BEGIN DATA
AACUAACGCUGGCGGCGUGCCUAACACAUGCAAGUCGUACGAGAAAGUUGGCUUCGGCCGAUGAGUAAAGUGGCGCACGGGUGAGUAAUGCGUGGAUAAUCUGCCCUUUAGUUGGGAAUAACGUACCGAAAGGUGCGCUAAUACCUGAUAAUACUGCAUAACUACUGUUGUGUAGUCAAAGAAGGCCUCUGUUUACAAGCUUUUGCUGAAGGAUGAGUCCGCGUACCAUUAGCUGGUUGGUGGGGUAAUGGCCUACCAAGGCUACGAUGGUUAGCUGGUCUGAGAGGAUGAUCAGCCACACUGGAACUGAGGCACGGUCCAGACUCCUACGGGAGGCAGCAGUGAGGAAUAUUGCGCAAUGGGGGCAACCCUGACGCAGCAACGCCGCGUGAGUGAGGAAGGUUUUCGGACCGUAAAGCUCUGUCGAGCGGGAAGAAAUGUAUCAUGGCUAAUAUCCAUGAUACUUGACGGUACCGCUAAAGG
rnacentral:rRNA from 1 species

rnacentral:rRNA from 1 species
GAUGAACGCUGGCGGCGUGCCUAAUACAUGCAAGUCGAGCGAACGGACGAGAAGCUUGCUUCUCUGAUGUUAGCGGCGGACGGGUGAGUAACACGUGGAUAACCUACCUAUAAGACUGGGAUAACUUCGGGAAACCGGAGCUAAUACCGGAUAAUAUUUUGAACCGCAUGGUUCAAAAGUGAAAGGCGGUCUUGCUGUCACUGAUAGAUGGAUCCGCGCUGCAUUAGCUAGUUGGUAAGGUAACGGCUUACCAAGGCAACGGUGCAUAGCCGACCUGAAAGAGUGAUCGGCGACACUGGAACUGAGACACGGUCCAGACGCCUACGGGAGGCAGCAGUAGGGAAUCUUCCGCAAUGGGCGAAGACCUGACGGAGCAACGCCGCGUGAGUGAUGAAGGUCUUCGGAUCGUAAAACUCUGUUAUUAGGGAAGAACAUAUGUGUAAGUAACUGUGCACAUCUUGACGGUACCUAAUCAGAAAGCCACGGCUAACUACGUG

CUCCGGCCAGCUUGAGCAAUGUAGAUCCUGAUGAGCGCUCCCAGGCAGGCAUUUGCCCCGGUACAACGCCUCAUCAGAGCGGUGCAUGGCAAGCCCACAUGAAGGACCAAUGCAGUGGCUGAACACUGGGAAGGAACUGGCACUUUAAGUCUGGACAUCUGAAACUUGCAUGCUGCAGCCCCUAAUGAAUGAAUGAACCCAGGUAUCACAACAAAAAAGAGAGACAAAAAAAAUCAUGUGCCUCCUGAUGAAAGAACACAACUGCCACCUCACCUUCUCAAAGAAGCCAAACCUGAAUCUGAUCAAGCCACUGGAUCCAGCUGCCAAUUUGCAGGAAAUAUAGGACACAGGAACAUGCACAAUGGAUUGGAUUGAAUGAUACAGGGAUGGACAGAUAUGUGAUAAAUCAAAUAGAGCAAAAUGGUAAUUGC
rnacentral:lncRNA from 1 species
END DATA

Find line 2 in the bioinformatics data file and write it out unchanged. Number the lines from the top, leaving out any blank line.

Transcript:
rnacentral:rRNA from 1 species